Mayoral candidate Lorena González poses with supporters at a Sunday get-out-the-vote rally in the Rainier Valley. (Photo courtesy of campaign)

With one day left before polls close on the 2021 election, campaigns are in a mad dash to the finish line. Voters have some of the starkest candidate choices in recent memory, and activists on both sides have emphasized how much is at stake.

“Don’t wanna sound hyperbolic but this Tuesday’s election might be Seattle’s most important in a while,” progressive organizer and writer Dae Shik Kim Hawkins Jr tweeted Friday. “Seattle could have a majority WOC [women of color] progressive council or one that sweeps encampments. City Attorney will either be abolitionist or MAGA [Make America Great Again]. Mayor either pro-corporate or pro-labor.”

Progressive candidates are urging supporters to vote, citing the King County Elections is projecting just 50% turnout in Seattle. Some also noted that even-year elections would be more fair and democratic given the higher turnout in those years with federal and state races also on the ballot. The 2020 presidential year saw an all-time record turnout rate in King County with 86.67% of registered voters participating — and an even higher percentage in Seattle.

In Seattle races, a mid-October poll sponsored by Northwest Progressive Institute (NPI) found Lorena González down 16 points, Nicole Thomas-Kennedy down 19 points, Nikkita Oliver down four points, and Teresa Mosqueda up eight points, and every race had at least 18% undecided — 30% were undecided in the City Attorney race in which Thomas-Kennedy trailed.

NPI and its pollster Change Research modeled the turnout as 82% White based on 2017 election results. Overall, Seattle’s population was 67% White in the 2020 census, but off-year electorates have tended to be older, Whiter, and more dominated by homeowners than the population writ-large. This time around, with candidates of color at the top of the ballot, it’ll be interesting to see if turnout among voters of color is higher.

Early turnout figures have also shown conservative precincts in single-family view corridors leading the pack. Given that late results typically trend progressive in Seattle races this could reflect the normal pattern. However, if progressives dig themselves in too deep, they may not be able to dig themselves out with late returns on ballots submitted on the final days of the election.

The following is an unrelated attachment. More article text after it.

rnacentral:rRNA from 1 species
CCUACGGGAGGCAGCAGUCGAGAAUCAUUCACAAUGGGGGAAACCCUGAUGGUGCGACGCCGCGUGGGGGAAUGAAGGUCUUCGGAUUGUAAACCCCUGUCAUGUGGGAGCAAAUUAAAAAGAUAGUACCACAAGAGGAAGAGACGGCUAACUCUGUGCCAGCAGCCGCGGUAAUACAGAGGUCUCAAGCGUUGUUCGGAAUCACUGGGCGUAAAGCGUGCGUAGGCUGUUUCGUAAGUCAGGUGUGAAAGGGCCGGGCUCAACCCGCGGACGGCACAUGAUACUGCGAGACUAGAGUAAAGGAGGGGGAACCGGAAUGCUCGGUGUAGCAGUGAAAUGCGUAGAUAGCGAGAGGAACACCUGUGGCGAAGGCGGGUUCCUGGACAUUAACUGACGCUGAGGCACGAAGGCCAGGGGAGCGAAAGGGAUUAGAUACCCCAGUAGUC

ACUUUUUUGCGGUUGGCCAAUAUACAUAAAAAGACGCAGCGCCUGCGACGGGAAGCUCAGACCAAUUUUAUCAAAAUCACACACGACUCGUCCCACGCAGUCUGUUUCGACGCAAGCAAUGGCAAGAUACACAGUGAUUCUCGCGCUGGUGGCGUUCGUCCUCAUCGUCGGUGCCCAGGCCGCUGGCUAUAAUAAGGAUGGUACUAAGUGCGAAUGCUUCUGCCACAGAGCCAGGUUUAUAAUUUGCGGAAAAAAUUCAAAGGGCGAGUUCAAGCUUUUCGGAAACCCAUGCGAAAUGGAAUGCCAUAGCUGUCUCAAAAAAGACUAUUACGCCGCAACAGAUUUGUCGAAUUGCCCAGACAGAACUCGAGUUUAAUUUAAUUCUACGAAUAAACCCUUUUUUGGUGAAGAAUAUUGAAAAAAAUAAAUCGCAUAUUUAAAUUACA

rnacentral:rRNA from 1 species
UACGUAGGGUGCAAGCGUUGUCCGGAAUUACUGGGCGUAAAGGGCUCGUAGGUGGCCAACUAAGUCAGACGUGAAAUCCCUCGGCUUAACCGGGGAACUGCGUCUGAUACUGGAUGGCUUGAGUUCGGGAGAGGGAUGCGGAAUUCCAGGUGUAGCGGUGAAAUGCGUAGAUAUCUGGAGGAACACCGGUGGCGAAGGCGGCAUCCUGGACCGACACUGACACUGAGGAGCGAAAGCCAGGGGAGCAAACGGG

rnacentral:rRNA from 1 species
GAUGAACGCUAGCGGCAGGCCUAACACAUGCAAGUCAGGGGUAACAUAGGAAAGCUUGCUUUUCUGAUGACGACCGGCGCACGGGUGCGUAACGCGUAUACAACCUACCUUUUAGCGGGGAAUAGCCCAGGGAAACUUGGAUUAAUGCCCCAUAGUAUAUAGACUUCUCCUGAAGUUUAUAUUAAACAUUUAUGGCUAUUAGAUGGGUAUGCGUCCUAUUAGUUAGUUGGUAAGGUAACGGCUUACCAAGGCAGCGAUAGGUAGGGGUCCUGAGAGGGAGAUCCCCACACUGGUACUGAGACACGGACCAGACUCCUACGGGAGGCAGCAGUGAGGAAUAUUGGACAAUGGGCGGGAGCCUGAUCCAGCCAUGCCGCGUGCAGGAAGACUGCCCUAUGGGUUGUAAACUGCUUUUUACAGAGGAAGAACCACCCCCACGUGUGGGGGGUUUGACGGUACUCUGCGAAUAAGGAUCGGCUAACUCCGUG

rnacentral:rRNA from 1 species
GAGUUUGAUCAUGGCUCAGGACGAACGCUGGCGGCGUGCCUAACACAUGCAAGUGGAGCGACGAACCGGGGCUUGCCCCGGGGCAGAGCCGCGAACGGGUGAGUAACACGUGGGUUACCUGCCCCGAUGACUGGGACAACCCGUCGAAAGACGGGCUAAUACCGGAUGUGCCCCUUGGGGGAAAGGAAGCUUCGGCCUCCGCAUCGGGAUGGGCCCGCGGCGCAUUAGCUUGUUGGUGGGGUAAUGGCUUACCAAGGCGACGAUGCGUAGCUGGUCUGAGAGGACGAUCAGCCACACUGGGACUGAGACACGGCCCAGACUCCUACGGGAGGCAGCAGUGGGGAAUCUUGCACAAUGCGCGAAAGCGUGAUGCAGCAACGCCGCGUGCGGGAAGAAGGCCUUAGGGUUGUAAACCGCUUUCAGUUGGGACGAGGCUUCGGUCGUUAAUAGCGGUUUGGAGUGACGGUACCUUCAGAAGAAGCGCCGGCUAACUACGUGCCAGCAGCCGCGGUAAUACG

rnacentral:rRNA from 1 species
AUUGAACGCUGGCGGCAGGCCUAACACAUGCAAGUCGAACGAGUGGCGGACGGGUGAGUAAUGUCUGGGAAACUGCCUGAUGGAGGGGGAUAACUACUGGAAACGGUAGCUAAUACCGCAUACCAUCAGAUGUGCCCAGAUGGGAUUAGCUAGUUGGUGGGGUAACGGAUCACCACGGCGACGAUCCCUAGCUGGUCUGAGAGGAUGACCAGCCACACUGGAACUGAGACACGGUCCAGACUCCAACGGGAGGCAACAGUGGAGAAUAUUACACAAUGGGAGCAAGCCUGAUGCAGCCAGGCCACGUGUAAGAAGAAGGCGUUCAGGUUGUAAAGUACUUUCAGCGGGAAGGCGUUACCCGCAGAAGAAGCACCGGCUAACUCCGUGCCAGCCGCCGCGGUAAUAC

Famously, councilmember Kshama Sawant got a nearly nine-point swing from election night to final results in her 2013 race to unseat Richard Conlin. She was down 7.4 points on election night, but ended up winning by almost two points. Sawant repeated and strengthened this finishing kick in 2019, starting from down eight points on election night before ultimately winning by 4.1 points over moderate challenger Egan Orion.

On election night, the more conservative candidate will likely not feel confident of victory unless they’re margin surpasses the 12-point finishing kick that Sawant had in display in 2019 (and that fellow socialist Shaun Scott matched — though that wasn’t quite enough to catch Alex Pedersen.)

On the other hand, 12-point swings don’t happen by accident. The 2019 races were dominated by the narrative that Amazon was trying to buy the election with more than $1.5 million in campaign contributions. This seemed to turn public opinion against the corporate-friendly moderates that Amazon backed. Amazon and the Seattle Metropolitan Chamber of Commerce haven’t been as directly involved this time around. Progressives may not have as easy of a narrative to propel their finishing charge.

Still, conservative forces are spending aggressively to fend off this surge. The political action committee (PAC) backing Harrell has pulled $1.3 million in donations, while the PAC opposing Thomas-Kennedy has pulled in $357,000 and counting — unprecedented in a Seattle City Attorney race. In particular, real estate moguls like top Trump donor George Petrie and his business partner John Goodman have spent the heaviest. Almost $1 million in union-backed PAC support has kept González competitive in fundraising, but Harrell still holds the edge money-wise. He has raised $1.2 million to go along with $1.3 million in PAC support. The Stranger‘s Hannah Krieg broke down how similar the wealthy donors and consultants working on Harrell’s campaign are to those of the last two mayors elected: Jenny Durkan and Ed Murray.